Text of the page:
“Chondria what? What did you say?” I can literally hear you saying! “All I had always heard was about hypochondria!”.
This week Washington Post staff writer – Carolyn Butler – posted an interesting article titled “A glut of Google can give you a virtual fever” (registration may be required to read) in which I for the first time came across this term – cyberchondria. Yes, I somehow had missed on that! Wikipedia defines cyberchondria as -
“Excessive preoccupation or worry about having a particular disease based on medical information gleaned from the Internet”
Seems like this word (derived from the word hypochondria) was keyed around at the start of this decade but got into prominence after two Microsoft Researchers – Eric Horvitz and Ryen White – released this study titled – “Cyberchondria: Studies of the Escalation of Medical Concerns in Web Search” and New York Times carried a follow-up article about the same. This paper from Microsoft Research studied various patterns of web searches associated with healthcare information and found that people’s medical concerns got escalated because of the kind of results shown by the web search engines. These researchers concluded this when they saw that the online healthcare information searchers started searching for and reviewing content on serious and more rare conditions that were linked with their symptoms in the same web surfing session. The paper is an interesting read and I would recommend you all to read it. I am also capturing some of my learnings from the paper below -
- Majority of us tend to miss out on checking key quality indicators for any online health information - As I had mentioned in my presentation about Healthcare from Consumer Perspective too, this paper also confirms that substantial number (more than 70%) of internet users search for healthcare related information on the web. However more than 75% of these searchers also fail to check for the key quality indicators such as validity and creation date of such information. (Some additional studies have pointed out that more than 70% of the healthcare content on the internet may not be of appropriate quality)
- Online search results tend to over-exaggerate possible causes based on symptoms – The probability of a cause for a particular symptom based on what seems to be implied from web-based search results and the probability of occurrence of the same cause in real world seem to be differing dramatically. Sounds slightly confusing? Let me simplify it. For example – as the paper points out – for a symptom such as headache if you were to search it through a search engine – you might feel that there is a 3% probability of you having a brain tumor. Whereas the actual occurrence rate for brain tumor is possibly less than 0.001%. This over-exaggeration due to coarse linkages done by the present-day search engines between the symptoms and the content tends to increase unwarranted anxiety among the web searchers.
- Cyberchondriat’s trust in Doctors is minimalistic – Studies have shown that Cyberchondriats – assuming that they suffer from hypercondria – typically tend to express doubt and disbelief in their physician’s diagnosis and typically are not easily satisfied by their doctor’s reassurances.
- Mapping a disease online based on symptoms is inherently flawed - Having hung around a family of doctors and seen them practicing – I personally had always been skeptical (and thought it was risky too) about the increasing number of healthcare websites which have mushroomed on the “you tell us your symptoms” and “we will tell you what you suffer from” information model. Diagnosing (will be blogging more on this in future blogs) as done by doctors requires intricate probing and building an hypothesis around the subtleties of the symptoms and various findings – along with giving enough consideration to characteristics of the patient (typically done face-to-face). This is not feasible with the web-based search. Well, atleast the ones which are available today! Almost all of the search engine or querying mechanism today are not designed to perform coherent diagnostic or probabilistic reasoning (a key tool for medical diagnosis). Cyberchondriates need to be aware of this.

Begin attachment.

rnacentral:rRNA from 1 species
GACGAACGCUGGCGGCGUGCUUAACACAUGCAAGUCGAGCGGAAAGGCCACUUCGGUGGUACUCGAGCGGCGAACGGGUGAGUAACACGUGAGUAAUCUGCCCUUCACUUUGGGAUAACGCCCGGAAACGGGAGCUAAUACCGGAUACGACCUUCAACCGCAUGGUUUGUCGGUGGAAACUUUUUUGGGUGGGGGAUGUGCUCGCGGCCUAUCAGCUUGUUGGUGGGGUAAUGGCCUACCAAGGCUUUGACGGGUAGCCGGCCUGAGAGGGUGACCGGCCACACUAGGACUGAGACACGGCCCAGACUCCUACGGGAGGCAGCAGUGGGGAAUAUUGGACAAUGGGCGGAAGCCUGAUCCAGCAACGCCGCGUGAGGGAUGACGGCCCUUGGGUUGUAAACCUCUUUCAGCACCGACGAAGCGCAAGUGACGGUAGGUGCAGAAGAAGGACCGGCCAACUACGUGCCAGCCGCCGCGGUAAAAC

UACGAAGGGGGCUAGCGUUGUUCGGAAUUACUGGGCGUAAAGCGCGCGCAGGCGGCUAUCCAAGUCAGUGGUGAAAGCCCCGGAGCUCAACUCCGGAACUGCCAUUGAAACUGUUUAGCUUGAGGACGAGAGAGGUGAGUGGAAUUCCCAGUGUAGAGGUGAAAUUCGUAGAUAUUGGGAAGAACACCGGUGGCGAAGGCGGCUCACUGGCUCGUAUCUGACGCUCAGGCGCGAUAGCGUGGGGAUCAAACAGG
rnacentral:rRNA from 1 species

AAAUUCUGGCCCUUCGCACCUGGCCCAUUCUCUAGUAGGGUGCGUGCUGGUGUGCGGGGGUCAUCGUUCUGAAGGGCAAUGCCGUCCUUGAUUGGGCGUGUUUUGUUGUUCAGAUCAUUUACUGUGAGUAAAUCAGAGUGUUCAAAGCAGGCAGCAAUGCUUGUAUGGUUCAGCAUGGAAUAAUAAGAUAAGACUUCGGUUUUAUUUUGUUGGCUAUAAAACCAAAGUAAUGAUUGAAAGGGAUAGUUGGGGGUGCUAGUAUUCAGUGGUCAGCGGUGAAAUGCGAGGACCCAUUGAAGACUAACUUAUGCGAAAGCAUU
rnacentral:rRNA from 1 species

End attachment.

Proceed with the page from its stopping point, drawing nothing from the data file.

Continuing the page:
- Individuals themselves have core biases while pursuing for online medical diagnosis - The authors of the paper point to studies in Cognitive Psychology wherein they had presented evidences that humans tend to employ heuristics or speculative approaches in determining likelihood of a particular theory when presented with large amount of possibilities. Authors believe that this tendency of human beings plays a big role in cyberchondria too. Because of this habit – human beings tend to be biased towards certain medical content – which in turn drives their assumptions of what they suffer from.
- Lastly, there seems to be more online information on Rare Diseases than to Common ones - The authors believe that for the sake of garnering more attention (nothing wrong in that though), there is a lots of literature and online discussions devoted to rare disorders than to common ones. However, the flip side of this is that this abundance of information may lead to biasing the search engines and ultimately the online searchers towards the possibility of they getting diagnosed with a more critical or serious disease.
Personally, I have always been vary of the potential use of the abundant healthcare related information which is available freely and easily on the internet today. My challenge is not against the content part – but on the context part! How does that content or the information apply to the individual himself/herself? This article clearly alludes to my fears – that increasing amount of healthcare information on the internet while needed can also bring in side-effects too.
Thoughts and/or comments are most welcome!